Treating Shins For Recovery: Knots, Bruises, Bumps – and Training Injured – Muay Thai

above, my how to video for warm water massage for shins Subscribe to articles for free here Check...

above, my how to video for warm water massage for shins

[update: for longer lasting shin swells you can try this]

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Anyone who has kicked anything knows that the occasional bump, knot or “mouse” on the shin or foot is inevitable.  You can get them on your forehead or face from an elbow or punch and on your shins or feet from kicking knees, elbows, heads, etc.  They kind of feel like badges of awesomeness, but they can also keep you from training and that feels lame.

I always have something that hurts, be it mushy or bumpy shins, crushed toes, swollen knuckles, stitches in my head, bruised thigh from leg kicks, tweaked knee from running, blisters, muscle ache, whatever the hell I keep doing to my elbow by not hitting on the bone-tip, etc.  This is normal and it doesn’t register to me as being hurt or injured, it just impacts how I’m training if I can’t kick on one side for a few days to let something heal up.  I never stop training, just train around things.  Even then, I hate it when I can’t knee or kick on one side because something hurts, so I do my best to get those bruises or knots healed quickly.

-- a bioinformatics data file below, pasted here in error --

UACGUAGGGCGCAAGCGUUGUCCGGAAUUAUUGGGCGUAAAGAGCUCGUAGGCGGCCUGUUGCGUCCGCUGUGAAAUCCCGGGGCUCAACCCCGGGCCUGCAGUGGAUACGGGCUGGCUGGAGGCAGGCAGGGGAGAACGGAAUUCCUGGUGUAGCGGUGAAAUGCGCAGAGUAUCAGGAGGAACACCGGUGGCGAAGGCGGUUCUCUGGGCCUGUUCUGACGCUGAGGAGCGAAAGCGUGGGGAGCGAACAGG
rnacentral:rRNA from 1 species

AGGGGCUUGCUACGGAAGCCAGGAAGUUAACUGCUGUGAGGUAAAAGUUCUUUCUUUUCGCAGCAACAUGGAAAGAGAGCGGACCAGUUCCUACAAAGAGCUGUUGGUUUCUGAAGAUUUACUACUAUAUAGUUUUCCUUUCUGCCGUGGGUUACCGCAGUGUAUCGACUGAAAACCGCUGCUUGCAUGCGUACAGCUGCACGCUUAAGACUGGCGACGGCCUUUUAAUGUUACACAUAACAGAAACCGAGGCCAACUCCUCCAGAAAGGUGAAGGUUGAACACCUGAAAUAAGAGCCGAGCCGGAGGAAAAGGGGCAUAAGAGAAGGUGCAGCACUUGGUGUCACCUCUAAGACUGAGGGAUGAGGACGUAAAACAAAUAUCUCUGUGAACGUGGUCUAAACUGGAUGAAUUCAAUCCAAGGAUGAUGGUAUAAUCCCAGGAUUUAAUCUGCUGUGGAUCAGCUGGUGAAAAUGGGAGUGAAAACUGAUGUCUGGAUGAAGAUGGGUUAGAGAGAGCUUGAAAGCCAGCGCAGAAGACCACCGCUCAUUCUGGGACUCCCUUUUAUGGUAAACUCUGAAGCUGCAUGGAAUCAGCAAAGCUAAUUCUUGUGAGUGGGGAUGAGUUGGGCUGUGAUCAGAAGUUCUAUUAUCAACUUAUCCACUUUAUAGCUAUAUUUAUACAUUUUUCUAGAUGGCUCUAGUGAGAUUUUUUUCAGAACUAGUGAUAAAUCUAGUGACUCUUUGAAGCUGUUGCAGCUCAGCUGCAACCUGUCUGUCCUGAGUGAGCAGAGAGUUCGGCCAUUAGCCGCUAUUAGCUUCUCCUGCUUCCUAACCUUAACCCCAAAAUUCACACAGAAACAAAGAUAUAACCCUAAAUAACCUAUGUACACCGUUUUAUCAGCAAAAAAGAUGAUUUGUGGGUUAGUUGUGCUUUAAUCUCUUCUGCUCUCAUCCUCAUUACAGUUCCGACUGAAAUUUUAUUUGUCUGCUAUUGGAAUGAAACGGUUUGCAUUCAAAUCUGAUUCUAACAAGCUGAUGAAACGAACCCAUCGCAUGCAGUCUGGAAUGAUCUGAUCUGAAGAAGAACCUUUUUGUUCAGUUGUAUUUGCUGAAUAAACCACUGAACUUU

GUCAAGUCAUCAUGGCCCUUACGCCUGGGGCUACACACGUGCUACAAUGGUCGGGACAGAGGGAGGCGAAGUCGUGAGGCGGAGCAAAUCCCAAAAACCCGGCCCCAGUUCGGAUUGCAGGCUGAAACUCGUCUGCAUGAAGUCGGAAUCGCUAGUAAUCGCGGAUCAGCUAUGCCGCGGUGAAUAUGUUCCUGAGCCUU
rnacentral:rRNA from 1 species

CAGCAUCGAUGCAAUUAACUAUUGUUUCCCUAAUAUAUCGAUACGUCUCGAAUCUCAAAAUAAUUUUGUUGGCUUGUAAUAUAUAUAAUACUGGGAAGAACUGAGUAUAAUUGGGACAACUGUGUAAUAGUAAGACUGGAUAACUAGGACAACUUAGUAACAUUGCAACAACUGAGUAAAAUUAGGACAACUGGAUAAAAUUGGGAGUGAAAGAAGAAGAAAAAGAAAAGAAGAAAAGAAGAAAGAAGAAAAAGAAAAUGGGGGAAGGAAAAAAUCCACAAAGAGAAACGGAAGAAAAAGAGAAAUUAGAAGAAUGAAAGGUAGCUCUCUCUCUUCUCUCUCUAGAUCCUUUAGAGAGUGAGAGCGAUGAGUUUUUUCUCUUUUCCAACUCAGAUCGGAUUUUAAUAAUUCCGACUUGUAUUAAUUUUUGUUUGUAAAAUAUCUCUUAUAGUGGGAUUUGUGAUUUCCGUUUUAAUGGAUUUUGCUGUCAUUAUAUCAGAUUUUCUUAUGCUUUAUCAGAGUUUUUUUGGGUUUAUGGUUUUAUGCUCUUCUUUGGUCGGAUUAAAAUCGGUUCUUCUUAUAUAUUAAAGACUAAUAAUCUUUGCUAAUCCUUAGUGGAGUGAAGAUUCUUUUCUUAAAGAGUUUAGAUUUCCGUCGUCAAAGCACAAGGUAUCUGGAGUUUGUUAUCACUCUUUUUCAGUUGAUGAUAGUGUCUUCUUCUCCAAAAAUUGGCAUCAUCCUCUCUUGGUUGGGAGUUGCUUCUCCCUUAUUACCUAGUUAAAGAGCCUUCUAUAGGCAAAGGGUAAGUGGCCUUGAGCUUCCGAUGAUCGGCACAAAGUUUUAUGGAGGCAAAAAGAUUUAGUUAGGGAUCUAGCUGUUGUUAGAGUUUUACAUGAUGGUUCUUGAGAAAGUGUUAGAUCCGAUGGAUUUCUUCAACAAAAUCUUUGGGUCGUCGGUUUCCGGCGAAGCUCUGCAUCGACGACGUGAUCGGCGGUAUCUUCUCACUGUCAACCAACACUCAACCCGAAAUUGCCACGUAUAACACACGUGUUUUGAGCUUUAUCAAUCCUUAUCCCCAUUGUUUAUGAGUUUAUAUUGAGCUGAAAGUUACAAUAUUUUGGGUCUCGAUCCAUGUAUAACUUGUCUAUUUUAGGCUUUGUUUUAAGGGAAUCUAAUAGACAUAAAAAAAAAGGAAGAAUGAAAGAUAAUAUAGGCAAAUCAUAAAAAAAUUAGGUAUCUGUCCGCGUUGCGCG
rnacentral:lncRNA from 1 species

Knots and Soft Spots

So how do you treat these knots or soft spots in order to get back to or keep training?  It’s actually quite easy and I show you how in the video above.  A few things to remember:

1.  In the West we love ice.  You ice everything and we have that handy RICE acronym to throw around.  By all means, keep using ice and compression as the first (early) method of treating swelling.

2. Drain it immediately after injury upon swelling: if you have ever watched boxing or MMA on TV you’ve seen the cut guy in the corner using “end swell” on a busted face.  It can be a metal hockey puck shaped device that is pressed onto a swollen eye or bump on the forehead in order to drain fluid out and away.  DO THIS on your shins when you first get one of those large bumps.  You can use a cold metal spoon if you’re fancy or your thumbs or even someone else’s elbow or forearm to press the fluid in one direction away from the swelling, starting from the outside and working toward the center.  You’re going to want someone to help you because it hurts a lot and you’ll probably wuss out trying to do it yourself.  Wearing a mouth-piece helps.  Here’s a picture of Nook rubbing the knot out of my foot – if it didn’t work I would never put up with it: